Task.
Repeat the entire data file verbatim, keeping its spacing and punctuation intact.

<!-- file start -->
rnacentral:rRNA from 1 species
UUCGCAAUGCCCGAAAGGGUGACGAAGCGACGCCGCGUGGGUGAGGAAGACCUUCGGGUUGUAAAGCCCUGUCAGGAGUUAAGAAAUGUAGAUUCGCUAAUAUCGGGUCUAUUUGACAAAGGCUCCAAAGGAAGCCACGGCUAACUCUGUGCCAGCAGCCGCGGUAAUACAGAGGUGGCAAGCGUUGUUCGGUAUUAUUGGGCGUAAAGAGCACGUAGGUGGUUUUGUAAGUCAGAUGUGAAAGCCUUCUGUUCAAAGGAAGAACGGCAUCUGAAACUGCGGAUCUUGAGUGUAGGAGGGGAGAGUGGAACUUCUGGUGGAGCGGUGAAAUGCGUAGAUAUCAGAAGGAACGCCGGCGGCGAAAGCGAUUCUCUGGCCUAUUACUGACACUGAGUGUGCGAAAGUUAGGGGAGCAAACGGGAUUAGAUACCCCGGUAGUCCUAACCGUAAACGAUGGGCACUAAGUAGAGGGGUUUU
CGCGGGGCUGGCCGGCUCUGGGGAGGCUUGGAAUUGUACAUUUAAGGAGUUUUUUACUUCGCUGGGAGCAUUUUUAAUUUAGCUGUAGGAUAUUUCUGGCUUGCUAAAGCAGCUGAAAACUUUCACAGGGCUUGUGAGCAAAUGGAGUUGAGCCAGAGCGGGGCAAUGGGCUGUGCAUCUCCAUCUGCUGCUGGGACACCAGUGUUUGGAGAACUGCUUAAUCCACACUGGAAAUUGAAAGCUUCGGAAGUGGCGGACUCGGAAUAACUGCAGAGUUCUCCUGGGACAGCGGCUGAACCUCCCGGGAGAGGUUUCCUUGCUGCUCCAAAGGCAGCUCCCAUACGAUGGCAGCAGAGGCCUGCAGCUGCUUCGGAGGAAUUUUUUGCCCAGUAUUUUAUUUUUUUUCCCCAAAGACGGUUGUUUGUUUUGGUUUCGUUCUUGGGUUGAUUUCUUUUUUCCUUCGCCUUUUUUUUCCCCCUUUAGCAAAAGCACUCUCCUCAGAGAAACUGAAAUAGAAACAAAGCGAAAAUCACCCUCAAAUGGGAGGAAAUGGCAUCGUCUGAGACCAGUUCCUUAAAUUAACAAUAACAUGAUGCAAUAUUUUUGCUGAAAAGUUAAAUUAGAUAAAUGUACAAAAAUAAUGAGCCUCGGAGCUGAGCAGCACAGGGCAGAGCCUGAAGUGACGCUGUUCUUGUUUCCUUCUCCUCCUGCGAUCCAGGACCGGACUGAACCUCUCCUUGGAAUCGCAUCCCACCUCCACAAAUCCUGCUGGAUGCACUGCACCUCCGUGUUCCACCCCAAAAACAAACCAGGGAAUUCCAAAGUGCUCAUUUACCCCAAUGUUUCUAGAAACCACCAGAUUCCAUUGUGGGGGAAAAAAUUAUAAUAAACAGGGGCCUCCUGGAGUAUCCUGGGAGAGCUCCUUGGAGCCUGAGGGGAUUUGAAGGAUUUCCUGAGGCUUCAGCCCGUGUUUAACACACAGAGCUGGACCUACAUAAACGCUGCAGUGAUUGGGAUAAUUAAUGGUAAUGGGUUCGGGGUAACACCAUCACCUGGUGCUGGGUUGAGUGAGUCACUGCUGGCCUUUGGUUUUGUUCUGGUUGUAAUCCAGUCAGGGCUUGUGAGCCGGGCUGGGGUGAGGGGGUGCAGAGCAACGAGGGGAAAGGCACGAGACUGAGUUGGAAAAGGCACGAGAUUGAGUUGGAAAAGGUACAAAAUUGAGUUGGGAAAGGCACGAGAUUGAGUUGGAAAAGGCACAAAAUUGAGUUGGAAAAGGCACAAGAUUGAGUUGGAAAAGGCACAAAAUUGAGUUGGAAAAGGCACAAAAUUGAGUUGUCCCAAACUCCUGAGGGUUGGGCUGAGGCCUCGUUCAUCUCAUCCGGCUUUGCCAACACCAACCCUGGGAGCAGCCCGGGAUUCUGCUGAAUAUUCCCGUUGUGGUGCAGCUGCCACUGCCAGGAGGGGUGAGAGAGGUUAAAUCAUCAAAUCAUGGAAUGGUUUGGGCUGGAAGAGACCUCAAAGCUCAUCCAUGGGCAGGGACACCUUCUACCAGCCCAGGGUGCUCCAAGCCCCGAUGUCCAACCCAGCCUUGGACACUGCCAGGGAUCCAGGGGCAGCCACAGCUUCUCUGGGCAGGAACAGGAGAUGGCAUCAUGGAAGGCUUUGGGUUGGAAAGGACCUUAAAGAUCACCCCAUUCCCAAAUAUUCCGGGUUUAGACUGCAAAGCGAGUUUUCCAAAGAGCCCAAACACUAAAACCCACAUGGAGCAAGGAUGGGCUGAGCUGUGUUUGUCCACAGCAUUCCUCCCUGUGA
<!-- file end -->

rnacentral:rRNA from 1 species
UUCGCAAUGCCCGAAAGGGUGACGAAGCGACGCCGCGUGGGUGAGGAAGACCUUCGGGUUGUAAAGCCCUGUCAGGAGUUAAGAAAUGUAGAUUCGCUAAUAUCGGGUCUAUUUGACAAAGGCUCCAAAGGAAGCCACGGCUAACUCUGUGCCAGCAGCCGCGGUAAUACAGAGGUGGCAAGCGUUGUUCGGUAUUAUUGGGCGUAAAGAGCACGUAGGUGGUUUUGUAAGUCAGAUGUGAAAGCCUUCUGUUCAAAGGAAGAACGGCAUCUGAAACUGCGGAUCUUGAGUGUAGGAGGGGAGAGUGGAACUUCUGGUGGAGCGGUGAAAUGCGUAGAUAUCAGAAGGAACGCCGGCGGCGAAAGCGAUUCUCUGGCCUAUUACUGACACUGAGUGUGCGAAAGUUAGGGGAGCAAACGGGAUUAGAUACCCCGGUAGUCCUAACCGUAAACGAUGGGCACUAAGUAGAGGGGUUUU
CGCGGGGCUGGCCGGCUCUGGGGAGGCUUGGAAUUGUACAUUUAAGGAGUUUUUUACUUCGCUGGGAGCAUUUUUAAUUUAGCUGUAGGAUAUUUCUGGCUUGCUAAAGCAGCUGAAAACUUUCACAGGGCUUGUGAGCAAAUGGAGUUGAGCCAGAGCGGGGCAAUGGGCUGUGCAUCUCCAUCUGCUGCUGGGACACCAGUGUUUGGAGAACUGCUUAAUCCACACUGGAAAUUGAAAGCUUCGGAAGUGGCGGACUCGGAAUAACUGCAGAGUUCUCCUGGGACAGCGGCUGAACCUCCCGGGAGAGGUUUCCUUGCUGCUCCAAAGGCAGCUCCCAUACGAUGGCAGCAGAGGCCUGCAGCUGCUUCGGAGGAAUUUUUUGCCCAGUAUUUUAUUUUUUUUCCCCAAAGACGGUUGUUUGUUUUGGUUUCGUUCUUGGGUUGAUUUCUUUUUUCCUUCGCCUUUUUUUUCCCCCUUUAGCAAAAGCACUCUCCUCAGAGAAACUGAAAUAGAAACAAAGCGAAAAUCACCCUCAAAUGGGAGGAAAUGGCAUCGUCUGAGACCAGUUCCUUAAAUUAACAAUAACAUGAUGCAAUAUUUUUGCUGAAAAGUUAAAUUAGAUAAAUGUACAAAAAUAAUGAGCCUCGGAGCUGAGCAGCACAGGGCAGAGCCUGAAGUGACGCUGUUCUUGUUUCCUUCUCCUCCUGCGAUCCAGGACCGGACUGAACCUCUCCUUGGAAUCGCAUCCCACCUCCACAAAUCCUGCUGGAUGCACUGCACCUCCGUGUUCCACCCCAAAAACAAACCAGGGAAUUCCAAAGUGCUCAUUUACCCCAAUGUUUCUAGAAACCACCAGAUUCCAUUGUGGGGGAAAAAAUUAUAAUAAACAGGGGCCUCCUGGAGUAUCCUGGGAGAGCUCCUUGGAGCCUGAGGGGAUUUGAAGGAUUUCCUGAGGCUUCAGCCCGUGUUUAACACACAGAGCUGGACCUACAUAAACGCUGCAGUGAUUGGGAUAAUUAAUGGUAAUGGGUUCGGGGUAACACCAUCACCUGGUGCUGGGUUGAGUGAGUCACUGCUGGCCUUUGGUUUUGUUCUGGUUGUAAUCCAGUCAGGGCUUGUGAGCCGGGCUGGGGUGAGGGGGUGCAGAGCAACGAGGGGAAAGGCACGAGACUGAGUUGGAAAAGGCACGAGAUUGAGUUGGAAAAGGUACAAAAUUGAGUUGGGAAAGGCACGAGAUUGAGUUGGAAAAGGCACAAAAUUGAGUUGGAAAAGGCACAAGAUUGAGUUGGAAAAGGCACAAAAUUGAGUUGGAAAAGGCACAAAAUUGAGUUGUCCCAAACUCCUGAGGGUUGGGCUGAGGCCUCGUUCAUCUCAUCCGGCUUUGCCAACACCAACCCUGGGAGCAGCCCGGGAUUCUGCUGAAUAUUCCCGUUGUGGUGCAGCUGCCACUGCCAGGAGGGGUGAGAGAGGUUAAAUCAUCAAAUCAUGGAAUGGUUUGGGCUGGAAGAGACCUCAAAGCUCAUCCAUGGGCAGGGACACCUUCUACCAGCCCAGGGUGCUCCAAGCCCCGAUGUCCAACCCAGCCUUGGACACUGCCAGGGAUCCAGGGGCAGCCACAGCUUCUCUGGGCAGGAACAGGAGAUGGCAUCAUGGAAGGCUUUGGGUUGGAAAGGACCUUAAAGAUCACCCCAUUCCCAAAUAUUCCGGGUUUAGACUGCAAAGCGAGUUUUCCAAAGAGCCCAAACACUAAAACCCACAUGGAGCAAGGAUGGGCUGAGCUGUGUUUGUCCACAGCAUUCCUCCCUGUGA